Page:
Journalist Report – June 3rd

June 03, 2024, by Jordan Bimm

What life is out there? This question unites astrobiology, the field devoted to searching for extraterrestrial life, and our Martian Biology program at MDRS. Founded in 2019 by Dr. Shannon Rupert, an ecologist and Director Emeritus of MDRS, the Martian Biology program conducts non-sim biodiversity surveys of different field sites reachable from the Hab. We do this to establish a scientific understanding of what’s out there. Not on Mars, but around MDRS. What vegetation, insects, and animals exist in the desert south of the San Rafael Swell? What can an inventory of these forms of life tell us about our Station’s surrounding ecosystems and our planet’s environment?

Now beginning our fourth mission at MDRS, the crew (Crew 298) of Martian Biology IV consists of Shannon Rupert, Paul Sokoloff, a botanist at the Canadian Museum of Nature, Samantha McBeth, a field biologist, Jacopo Razzauti, a PhD candidate in neuroscience at Rockefeller University, Olivia Drayson, a PhD candidate in environmental toxicology at UC Irvine, and me, Jordan Bimm, a space historian and professor of science communication at the University of Chicago. Previous missions in 2019 (Crew 210), 2022 (Crew 243), and 2023 (Crew 282) have focussed on sites located close to the Hab accessible by rovers and have expanded progressively outward using the Crew Car to build a robust and comprehensive regional inventory.

We arrived on Station on Monday June 3, and immediately set to work at a new field site called Hog Spring, 64 kilometers south of MDRS and of special interest to McBeth. McBeth’s goal is to deploy the first of six “Critter Cams,” camouflaged motion-activated digital cameras that automatically record images of wildlife. Adopting the astrobiologist’s mantra of “follow the water” we selected Hog Spring due to its flowing H2O, making it a likely destination for all kinds of local life.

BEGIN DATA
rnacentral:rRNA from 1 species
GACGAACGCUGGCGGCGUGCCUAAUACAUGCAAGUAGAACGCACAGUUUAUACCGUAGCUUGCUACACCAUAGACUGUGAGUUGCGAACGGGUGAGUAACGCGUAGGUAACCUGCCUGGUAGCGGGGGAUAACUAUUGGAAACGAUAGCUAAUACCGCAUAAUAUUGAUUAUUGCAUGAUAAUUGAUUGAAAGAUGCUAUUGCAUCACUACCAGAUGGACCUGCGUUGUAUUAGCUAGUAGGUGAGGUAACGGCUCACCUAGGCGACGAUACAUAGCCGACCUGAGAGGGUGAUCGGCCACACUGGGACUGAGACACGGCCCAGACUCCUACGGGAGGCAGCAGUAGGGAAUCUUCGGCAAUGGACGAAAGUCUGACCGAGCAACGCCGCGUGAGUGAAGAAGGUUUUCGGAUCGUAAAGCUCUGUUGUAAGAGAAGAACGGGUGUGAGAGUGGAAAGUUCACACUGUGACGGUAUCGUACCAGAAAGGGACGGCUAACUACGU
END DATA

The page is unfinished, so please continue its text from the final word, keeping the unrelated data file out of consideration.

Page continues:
McBeth’s focus this time is on macrovertebrates, mostly larger mammals, although some rodents, amphibians, and reptiles may make an appearance as well and will be welcome additions.

“Realistically, we might see racoons, coyotes, foxes, skunks and weasels,” she says. “Amazing would be images of ringtails, a cousin of the raccoon, mountain lions, or even a bobcat. They’re out there!” The idea is to set up concealed Critter Cams and check back on them in a few days, to see what creatures have passed by and been photographed in the process. For bait, (technical term: “attractant”) McBeth uses a small can of Fancy Feast cat food advertised as “Grilled Tuna and Cheddar Cheese Feast.” “The smellier, the better,” she adds. We poked holes in the side of the can, hid it under a nearby rock, and hoped for the best.

Stay tuned for more updates, including from our Critter Cams, as our week-long mission progresses.

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